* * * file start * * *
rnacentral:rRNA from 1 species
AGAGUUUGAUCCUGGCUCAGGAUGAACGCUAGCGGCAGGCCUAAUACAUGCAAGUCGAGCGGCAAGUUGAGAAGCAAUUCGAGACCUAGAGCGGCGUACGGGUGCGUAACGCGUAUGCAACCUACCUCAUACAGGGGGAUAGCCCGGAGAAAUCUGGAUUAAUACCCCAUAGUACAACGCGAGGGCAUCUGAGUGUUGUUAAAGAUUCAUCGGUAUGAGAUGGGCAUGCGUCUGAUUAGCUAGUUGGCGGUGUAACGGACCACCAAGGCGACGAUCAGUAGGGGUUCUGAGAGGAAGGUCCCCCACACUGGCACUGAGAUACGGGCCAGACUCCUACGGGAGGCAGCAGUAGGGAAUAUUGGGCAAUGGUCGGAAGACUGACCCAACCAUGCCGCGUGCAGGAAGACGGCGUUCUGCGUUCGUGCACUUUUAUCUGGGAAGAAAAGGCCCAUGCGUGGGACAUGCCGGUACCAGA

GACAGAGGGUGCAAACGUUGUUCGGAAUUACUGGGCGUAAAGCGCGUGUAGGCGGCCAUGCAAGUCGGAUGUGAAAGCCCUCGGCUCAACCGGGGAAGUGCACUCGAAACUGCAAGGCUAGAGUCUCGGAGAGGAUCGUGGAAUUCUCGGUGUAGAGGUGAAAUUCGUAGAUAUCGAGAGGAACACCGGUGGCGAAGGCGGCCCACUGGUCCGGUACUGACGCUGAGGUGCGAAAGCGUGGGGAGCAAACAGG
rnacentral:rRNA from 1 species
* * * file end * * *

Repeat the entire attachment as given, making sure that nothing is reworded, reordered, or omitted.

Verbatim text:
rnacentral:rRNA from 1 species
AGAGUUUGAUCCUGGCUCAGGAUGAACGCUAGCGGCAGGCCUAAUACAUGCAAGUCGAGCGGCAAGUUGAGAAGCAAUUCGAGACCUAGAGCGGCGUACGGGUGCGUAACGCGUAUGCAACCUACCUCAUACAGGGGGAUAGCCCGGAGAAAUCUGGAUUAAUACCCCAUAGUACAACGCGAGGGCAUCUGAGUGUUGUUAAAGAUUCAUCGGUAUGAGAUGGGCAUGCGUCUGAUUAGCUAGUUGGCGGUGUAACGGACCACCAAGGCGACGAUCAGUAGGGGUUCUGAGAGGAAGGUCCCCCACACUGGCACUGAGAUACGGGCCAGACUCCUACGGGAGGCAGCAGUAGGGAAUAUUGGGCAAUGGUCGGAAGACUGACCCAACCAUGCCGCGUGCAGGAAGACGGCGUUCUGCGUUCGUGCACUUUUAUCUGGGAAGAAAAGGCCCAUGCGUGGGACAUGCCGGUACCAGA

GACAGAGGGUGCAAACGUUGUUCGGAAUUACUGGGCGUAAAGCGCGUGUAGGCGGCCAUGCAAGUCGGAUGUGAAAGCCCUCGGCUCAACCGGGGAAGUGCACUCGAAACUGCAAGGCUAGAGUCUCGGAGAGGAUCGUGGAAUUCUCGGUGUAGAGGUGAAAUUCGUAGAUAUCGAGAGGAACACCGGUGGCGAAGGCGGCCCACUGGUCCGGUACUGACGCUGAGGUGCGAAAGCGUGGGGAGCAAACAGG
rnacentral:rRNA from 1 species